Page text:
Network Flight Recorder releases new network monitoring software
Provides powerful TCP filtering for network managers
Marcus Ranum, president and CEO of Network Flight Recorder, explains how the company's recently released product, NFR 1.5, designed to make networks secure from intrusion and help network managers find out who's trying hack into their system, works: "The way [NFR] works is you basically have an interface that listens in promiscuous mode so that you pull all the traffic that goes on the network. We then have a TCP reassembly engine which sequences and reassembles all the TCPs that go by."
In the next layer, "We then apply a filtering specification so that you can watch for all TCPs going between here and here on this type of port or this type of protocol. So there's this very powerful filtering language that's then applied to the TCP streams. You can also set filters on events that might occur," says Ranum.
There are two different ways to install NFR. "We make the complete source code for our product freely available off the Web," Ranum says. A network manager has two choices: "If they're not afraid to touch a compiler, and they know what they're doing, they could just pull our code off the 'Net and install it. If they're afraid to touch a compiler, they could buy a PC with it already installed."
Use of NFR requires little effort. "Basically it just sits there and keeps recording things and anytime [network managers] want to pull the data off they've recorded, they just go to it and query the data right off it," says Ranum. He adds, "If there's a specific thing they wanted to record that wasn't part of the basic package that we include, then they could write their own request order in our programming language and be able to record that data as well."
Into the core
The programming language used to create NFR is one part of this product that being questioned by Brian Sefton, CEO of Fastlane Software Systems. Fastlane produces Xni, a network analysis tool similar to NFR. Sefton says the product is written in N, which is a language used for creating video games. "Our product is written in C," says Sefton, "For that reason it's much more portable across platforms. Our Java front end and our HTML is portable already across all platforms."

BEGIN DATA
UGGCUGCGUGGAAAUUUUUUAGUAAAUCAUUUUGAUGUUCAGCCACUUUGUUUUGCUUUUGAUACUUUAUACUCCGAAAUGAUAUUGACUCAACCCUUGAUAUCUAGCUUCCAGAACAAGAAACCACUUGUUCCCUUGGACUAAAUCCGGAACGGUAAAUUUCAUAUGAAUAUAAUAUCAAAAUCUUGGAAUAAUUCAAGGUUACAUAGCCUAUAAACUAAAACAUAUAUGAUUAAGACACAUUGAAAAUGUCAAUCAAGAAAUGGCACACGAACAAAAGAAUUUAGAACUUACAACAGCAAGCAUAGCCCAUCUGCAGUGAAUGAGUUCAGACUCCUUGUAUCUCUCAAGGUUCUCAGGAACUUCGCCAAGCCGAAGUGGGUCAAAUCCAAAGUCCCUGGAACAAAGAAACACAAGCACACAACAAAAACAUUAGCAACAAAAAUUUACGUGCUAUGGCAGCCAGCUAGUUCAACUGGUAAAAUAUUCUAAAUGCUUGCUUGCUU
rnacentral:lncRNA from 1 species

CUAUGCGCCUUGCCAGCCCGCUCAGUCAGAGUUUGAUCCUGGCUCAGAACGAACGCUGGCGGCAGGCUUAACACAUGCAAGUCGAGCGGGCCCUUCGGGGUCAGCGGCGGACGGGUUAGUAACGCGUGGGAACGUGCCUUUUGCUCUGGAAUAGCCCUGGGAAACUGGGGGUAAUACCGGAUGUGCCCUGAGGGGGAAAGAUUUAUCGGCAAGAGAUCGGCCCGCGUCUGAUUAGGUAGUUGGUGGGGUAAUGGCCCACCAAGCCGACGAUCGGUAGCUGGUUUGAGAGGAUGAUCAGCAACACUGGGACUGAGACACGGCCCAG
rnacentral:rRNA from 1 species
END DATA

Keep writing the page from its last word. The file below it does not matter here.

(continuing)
Ranum explains that he wrote U, which is an interpreter for a game that he wrote. "In the process of developing U, I wrote this extremely fast, very flexible interpreter. So when we decided we were going to write NFR, we needed a really fast, flexible interpreter. So I dusted off the U interpreter, and we used the core of the U interpreter to implement the NFR N code language."
Ranum says designing a language for this type of product is a really difficult thing to do. "You've got to get the abstractions right. We put a great deal of effort into thinking of a set of abstractions for the language for doing traffic analysis. That was hard."
Ranum and his co-workers started with a completely procedural language and realized the language had to be event driven. "In order to make the performance quick enough we had to make it so that the lower level engines that sequence TCP would call a procedure when the sequencing found something, rather than the procedural approach that would look at everything and decide if there was a match."
"The main thing that we've done that's unique is that we've made our engine extremely flexible," says Ranum. He explains the difference between Xni and NFR using a house analogy: "Fastlane has given you the house with all the windows, carpeting, and doors completely in place. NFR gives customers wood, bricks, and mortar, and says go to town. It's a different mindset. If you don't like the pink tiles in Fastlane's product, you're stuck. You can do whatever you want with ours."